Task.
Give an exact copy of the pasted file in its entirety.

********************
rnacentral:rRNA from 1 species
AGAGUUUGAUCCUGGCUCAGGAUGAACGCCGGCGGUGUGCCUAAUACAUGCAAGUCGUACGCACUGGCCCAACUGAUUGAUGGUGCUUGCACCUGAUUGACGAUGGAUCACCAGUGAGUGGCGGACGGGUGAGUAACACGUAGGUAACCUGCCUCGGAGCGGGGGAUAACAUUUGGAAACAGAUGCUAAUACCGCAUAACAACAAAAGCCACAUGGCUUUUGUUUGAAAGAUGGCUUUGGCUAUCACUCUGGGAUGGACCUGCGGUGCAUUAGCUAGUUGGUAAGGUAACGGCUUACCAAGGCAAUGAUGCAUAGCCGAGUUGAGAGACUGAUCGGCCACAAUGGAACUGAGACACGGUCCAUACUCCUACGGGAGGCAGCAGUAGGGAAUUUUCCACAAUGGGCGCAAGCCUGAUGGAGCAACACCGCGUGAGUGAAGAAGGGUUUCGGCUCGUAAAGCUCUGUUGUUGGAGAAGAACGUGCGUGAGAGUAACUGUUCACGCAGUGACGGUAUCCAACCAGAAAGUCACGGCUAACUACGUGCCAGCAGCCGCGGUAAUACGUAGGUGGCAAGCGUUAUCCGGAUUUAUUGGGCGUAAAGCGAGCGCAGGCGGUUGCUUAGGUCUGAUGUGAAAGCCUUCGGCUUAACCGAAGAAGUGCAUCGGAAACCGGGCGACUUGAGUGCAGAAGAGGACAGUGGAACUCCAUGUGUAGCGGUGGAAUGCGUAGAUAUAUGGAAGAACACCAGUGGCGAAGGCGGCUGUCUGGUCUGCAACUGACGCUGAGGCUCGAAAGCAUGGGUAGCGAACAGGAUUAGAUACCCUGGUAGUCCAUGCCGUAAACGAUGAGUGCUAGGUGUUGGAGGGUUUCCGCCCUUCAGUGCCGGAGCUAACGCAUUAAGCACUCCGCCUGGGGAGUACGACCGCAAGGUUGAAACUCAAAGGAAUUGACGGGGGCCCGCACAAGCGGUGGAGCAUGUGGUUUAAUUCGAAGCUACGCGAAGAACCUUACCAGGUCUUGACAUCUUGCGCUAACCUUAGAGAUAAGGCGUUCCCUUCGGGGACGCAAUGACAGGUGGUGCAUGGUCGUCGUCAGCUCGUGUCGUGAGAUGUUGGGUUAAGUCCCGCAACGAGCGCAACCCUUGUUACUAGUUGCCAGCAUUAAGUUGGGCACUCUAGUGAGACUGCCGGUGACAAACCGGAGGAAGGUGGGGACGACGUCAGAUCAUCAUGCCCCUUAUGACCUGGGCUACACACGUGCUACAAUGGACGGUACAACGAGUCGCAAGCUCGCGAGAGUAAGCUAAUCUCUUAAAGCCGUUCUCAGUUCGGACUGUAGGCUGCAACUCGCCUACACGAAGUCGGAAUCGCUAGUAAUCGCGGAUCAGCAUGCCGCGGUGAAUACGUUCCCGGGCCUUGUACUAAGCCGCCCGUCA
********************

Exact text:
rnacentral:rRNA from 1 species
AGAGUUUGAUCCUGGCUCAGGAUGAACGCCGGCGGUGUGCCUAAUACAUGCAAGUCGUACGCACUGGCCCAACUGAUUGAUGGUGCUUGCACCUGAUUGACGAUGGAUCACCAGUGAGUGGCGGACGGGUGAGUAACACGUAGGUAACCUGCCUCGGAGCGGGGGAUAACAUUUGGAAACAGAUGCUAAUACCGCAUAACAACAAAAGCCACAUGGCUUUUGUUUGAAAGAUGGCUUUGGCUAUCACUCUGGGAUGGACCUGCGGUGCAUUAGCUAGUUGGUAAGGUAACGGCUUACCAAGGCAAUGAUGCAUAGCCGAGUUGAGAGACUGAUCGGCCACAAUGGAACUGAGACACGGUCCAUACUCCUACGGGAGGCAGCAGUAGGGAAUUUUCCACAAUGGGCGCAAGCCUGAUGGAGCAACACCGCGUGAGUGAAGAAGGGUUUCGGCUCGUAAAGCUCUGUUGUUGGAGAAGAACGUGCGUGAGAGUAACUGUUCACGCAGUGACGGUAUCCAACCAGAAAGUCACGGCUAACUACGUGCCAGCAGCCGCGGUAAUACGUAGGUGGCAAGCGUUAUCCGGAUUUAUUGGGCGUAAAGCGAGCGCAGGCGGUUGCUUAGGUCUGAUGUGAAAGCCUUCGGCUUAACCGAAGAAGUGCAUCGGAAACCGGGCGACUUGAGUGCAGAAGAGGACAGUGGAACUCCAUGUGUAGCGGUGGAAUGCGUAGAUAUAUGGAAGAACACCAGUGGCGAAGGCGGCUGUCUGGUCUGCAACUGACGCUGAGGCUCGAAAGCAUGGGUAGCGAACAGGAUUAGAUACCCUGGUAGUCCAUGCCGUAAACGAUGAGUGCUAGGUGUUGGAGGGUUUCCGCCCUUCAGUGCCGGAGCUAACGCAUUAAGCACUCCGCCUGGGGAGUACGACCGCAAGGUUGAAACUCAAAGGAAUUGACGGGGGCCCGCACAAGCGGUGGAGCAUGUGGUUUAAUUCGAAGCUACGCGAAGAACCUUACCAGGUCUUGACAUCUUGCGCUAACCUUAGAGAUAAGGCGUUCCCUUCGGGGACGCAAUGACAGGUGGUGCAUGGUCGUCGUCAGCUCGUGUCGUGAGAUGUUGGGUUAAGUCCCGCAACGAGCGCAACCCUUGUUACUAGUUGCCAGCAUUAAGUUGGGCACUCUAGUGAGACUGCCGGUGACAAACCGGAGGAAGGUGGGGACGACGUCAGAUCAUCAUGCCCCUUAUGACCUGGGCUACACACGUGCUACAAUGGACGGUACAACGAGUCGCAAGCUCGCGAGAGUAAGCUAAUCUCUUAAAGCCGUUCUCAGUUCGGACUGUAGGCUGCAACUCGCCUACACGAAGUCGGAAUCGCUAGUAAUCGCGGAUCAGCAUGCCGCGGUGAAUACGUUCCCGGGCCUUGUACUAAGCCGCCCGUCA